“Innovation” has become a popular buzz word across private, non-profit, and public organizations. While imaging the many exciting opportunities successful innovation can provide, it is easy for organizations to forget that innovation is a process, not a goal. It is the job of a strong organizational leader (or association manager) to help a group understand this while guiding them to clearly answer the following questions:
- Why do you want to innovate?
- What exactly do you want to innovate on?
- How would you measure the success of your results?
Groups may desire increased process efficiency, better programmatic value for money, or an uptick in membership. They may want to innovate on products, delivery methods, or communication streams. They may care more about the results of quantitative return on investment analyses or qualitative exit surveys. Each of these answers, and countless more, are valid.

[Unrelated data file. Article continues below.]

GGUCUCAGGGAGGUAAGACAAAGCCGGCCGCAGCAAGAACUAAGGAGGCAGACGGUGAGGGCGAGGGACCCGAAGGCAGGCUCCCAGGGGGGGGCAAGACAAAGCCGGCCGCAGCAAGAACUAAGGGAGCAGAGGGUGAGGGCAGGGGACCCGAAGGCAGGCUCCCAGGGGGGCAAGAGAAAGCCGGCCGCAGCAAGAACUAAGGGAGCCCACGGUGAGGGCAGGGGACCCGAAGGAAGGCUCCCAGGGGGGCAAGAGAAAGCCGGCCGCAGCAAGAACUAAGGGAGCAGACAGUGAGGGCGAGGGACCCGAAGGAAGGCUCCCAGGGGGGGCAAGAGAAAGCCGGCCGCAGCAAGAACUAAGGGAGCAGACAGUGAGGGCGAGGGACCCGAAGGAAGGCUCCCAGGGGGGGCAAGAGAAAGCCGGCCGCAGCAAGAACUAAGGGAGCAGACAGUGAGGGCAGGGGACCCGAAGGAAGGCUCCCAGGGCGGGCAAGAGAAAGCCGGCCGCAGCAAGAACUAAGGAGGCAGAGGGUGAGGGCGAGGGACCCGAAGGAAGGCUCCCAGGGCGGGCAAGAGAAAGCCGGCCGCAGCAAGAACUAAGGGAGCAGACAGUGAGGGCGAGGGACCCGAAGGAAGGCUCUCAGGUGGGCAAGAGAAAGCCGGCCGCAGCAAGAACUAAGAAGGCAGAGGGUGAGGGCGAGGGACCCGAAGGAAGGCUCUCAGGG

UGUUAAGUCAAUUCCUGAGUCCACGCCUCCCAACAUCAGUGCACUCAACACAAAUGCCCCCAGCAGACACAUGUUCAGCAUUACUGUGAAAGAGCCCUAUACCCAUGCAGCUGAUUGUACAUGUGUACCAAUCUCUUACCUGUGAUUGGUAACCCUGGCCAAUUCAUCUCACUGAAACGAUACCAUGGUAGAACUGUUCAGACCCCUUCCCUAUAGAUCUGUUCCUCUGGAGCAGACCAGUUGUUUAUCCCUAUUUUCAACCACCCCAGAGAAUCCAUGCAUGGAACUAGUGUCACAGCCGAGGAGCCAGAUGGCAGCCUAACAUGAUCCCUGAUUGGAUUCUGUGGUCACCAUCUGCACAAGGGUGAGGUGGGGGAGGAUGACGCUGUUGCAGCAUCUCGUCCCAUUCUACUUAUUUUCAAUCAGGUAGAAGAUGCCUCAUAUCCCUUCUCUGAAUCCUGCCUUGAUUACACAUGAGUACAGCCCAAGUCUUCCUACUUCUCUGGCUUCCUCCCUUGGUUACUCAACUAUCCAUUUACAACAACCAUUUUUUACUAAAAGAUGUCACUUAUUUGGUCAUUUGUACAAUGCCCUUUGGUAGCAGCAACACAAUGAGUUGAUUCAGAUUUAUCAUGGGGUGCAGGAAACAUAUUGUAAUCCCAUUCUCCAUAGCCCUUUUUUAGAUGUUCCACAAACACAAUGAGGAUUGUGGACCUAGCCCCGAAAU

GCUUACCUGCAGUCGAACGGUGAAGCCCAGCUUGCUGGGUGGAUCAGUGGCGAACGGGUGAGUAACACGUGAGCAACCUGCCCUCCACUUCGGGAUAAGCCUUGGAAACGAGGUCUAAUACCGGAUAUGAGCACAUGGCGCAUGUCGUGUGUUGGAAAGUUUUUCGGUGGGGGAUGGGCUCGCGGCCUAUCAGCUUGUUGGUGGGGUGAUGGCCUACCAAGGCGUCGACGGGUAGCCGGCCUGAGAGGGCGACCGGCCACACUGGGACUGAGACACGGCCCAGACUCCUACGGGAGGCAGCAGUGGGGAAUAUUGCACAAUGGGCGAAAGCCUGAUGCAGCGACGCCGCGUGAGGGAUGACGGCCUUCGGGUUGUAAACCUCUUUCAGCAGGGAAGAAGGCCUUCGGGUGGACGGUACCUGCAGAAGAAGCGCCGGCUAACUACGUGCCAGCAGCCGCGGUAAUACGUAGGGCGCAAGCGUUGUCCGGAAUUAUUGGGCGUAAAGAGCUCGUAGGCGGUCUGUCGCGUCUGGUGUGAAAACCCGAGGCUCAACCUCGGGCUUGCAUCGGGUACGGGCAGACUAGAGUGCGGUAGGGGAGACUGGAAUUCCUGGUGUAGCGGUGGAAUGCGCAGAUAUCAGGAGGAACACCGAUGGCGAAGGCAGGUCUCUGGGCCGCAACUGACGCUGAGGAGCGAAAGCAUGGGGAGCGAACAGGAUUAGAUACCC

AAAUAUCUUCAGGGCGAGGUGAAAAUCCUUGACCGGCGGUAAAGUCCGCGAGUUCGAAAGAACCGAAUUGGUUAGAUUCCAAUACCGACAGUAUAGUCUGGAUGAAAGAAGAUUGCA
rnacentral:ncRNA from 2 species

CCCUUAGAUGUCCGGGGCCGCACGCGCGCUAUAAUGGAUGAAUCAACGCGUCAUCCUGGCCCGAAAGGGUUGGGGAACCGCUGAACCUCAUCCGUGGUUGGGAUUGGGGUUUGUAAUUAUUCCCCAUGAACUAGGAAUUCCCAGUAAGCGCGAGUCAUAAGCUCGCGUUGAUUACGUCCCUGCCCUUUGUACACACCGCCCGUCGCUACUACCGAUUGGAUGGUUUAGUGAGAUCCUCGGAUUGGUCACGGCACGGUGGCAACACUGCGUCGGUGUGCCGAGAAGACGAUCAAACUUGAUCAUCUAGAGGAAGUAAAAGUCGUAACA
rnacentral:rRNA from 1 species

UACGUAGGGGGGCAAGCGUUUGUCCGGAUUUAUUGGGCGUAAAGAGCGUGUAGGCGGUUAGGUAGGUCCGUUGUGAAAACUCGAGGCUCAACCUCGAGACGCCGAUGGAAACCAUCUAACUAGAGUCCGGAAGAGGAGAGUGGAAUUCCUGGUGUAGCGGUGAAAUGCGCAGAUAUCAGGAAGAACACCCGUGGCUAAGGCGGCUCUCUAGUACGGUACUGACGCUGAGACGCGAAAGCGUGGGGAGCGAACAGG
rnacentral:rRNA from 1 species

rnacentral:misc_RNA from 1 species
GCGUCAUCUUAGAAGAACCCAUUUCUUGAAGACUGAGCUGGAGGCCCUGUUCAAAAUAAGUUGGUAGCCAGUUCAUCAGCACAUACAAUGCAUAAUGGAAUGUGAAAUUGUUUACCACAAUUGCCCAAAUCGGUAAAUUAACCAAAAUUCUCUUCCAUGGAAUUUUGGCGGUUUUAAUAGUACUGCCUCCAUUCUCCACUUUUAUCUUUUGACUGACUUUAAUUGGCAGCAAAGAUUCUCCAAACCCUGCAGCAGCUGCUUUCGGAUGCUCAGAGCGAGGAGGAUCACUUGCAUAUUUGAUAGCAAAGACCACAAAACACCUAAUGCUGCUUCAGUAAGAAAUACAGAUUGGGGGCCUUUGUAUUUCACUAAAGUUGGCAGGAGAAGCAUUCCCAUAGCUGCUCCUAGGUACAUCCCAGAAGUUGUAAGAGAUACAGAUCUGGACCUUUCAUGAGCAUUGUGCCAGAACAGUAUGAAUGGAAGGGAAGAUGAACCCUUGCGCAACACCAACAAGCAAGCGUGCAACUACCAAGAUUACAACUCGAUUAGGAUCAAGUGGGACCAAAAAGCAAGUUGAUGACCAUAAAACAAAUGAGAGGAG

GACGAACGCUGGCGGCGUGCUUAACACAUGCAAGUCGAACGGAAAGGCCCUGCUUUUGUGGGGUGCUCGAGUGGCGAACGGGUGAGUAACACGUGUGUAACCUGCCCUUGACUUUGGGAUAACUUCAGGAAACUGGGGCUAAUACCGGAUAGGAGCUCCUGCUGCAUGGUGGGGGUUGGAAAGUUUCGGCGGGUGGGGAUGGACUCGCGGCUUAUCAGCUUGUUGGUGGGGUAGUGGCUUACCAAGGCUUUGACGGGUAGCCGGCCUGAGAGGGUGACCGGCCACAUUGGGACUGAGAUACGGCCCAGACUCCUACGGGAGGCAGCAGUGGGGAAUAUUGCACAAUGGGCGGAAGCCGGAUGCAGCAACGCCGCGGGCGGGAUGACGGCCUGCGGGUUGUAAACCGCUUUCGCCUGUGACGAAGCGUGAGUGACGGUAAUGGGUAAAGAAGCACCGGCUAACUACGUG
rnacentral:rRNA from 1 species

No matter what the answers are, if you can lead your organization to carefully consider to answer these questions you will help ensure that resources – time, money, energy, and will – are not spent needlessly on “innovating” for innovation’s sake.